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Hawaii missile alert fail: What went wrong and how to respond to future alerts?




A morning view of the city of Honolulu, Hawaii is seen on January 13, 2018. Social media ignited on after apparent screenshots of cell phone emergency alerts warning of a
A morning view of the city of Honolulu, Hawaii is seen on January 13, 2018. Social media ignited on after apparent screenshots of cell phone emergency alerts warning of a "ballistic missile threat inbound to Hawaii" began circulating, which US officials quickly dismissed as "false."
EUGENE TANNER/AFP/Getty Images

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On Saturday, Hawaii residents woke up to a frightening but false alert to seek immediate shelter from an inbound ballistic missile.

It took 38-minutes of pandemonium until an official correction report was issued.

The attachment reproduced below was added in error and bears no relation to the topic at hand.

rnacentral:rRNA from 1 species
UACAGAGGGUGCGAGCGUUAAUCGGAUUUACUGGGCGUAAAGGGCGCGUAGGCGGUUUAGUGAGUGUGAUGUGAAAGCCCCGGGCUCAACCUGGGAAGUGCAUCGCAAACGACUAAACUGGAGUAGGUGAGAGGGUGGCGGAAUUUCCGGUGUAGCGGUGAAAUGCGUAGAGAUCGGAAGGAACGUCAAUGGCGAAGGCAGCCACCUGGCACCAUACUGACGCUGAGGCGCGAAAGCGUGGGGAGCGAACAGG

Hawaii officials apologized to an enraged state that had to abandon cars on the highway and rush to call and find their loved ones. Many residents weren’t even sure of how to prepare for a missile attack, with some desperately huddling with their families in bathtubs and garages. In an original timeline, officials said that an emergency management employee hit a “wrong button,” but subsequent reports show the protocol for issuing emergency alerts in Hawaii is much more complicated.

The FCC has launched an investigation into the incident, with Chairman Ajit Pai stating that the mishap was “absolutely unacceptable” and undermines “public confidence in the alerting system and thus reduce their effectiveness during real emergencies.”

This morning, Japan also experienced a similar scare after broadcasting a false North Korea missile threat alert.

We get the latest on the story and also parse through how to respond to future alerts.

Guest:

Todd Frankel, reporter for the Washington Post who has been following the story; he tweets @tcfrankel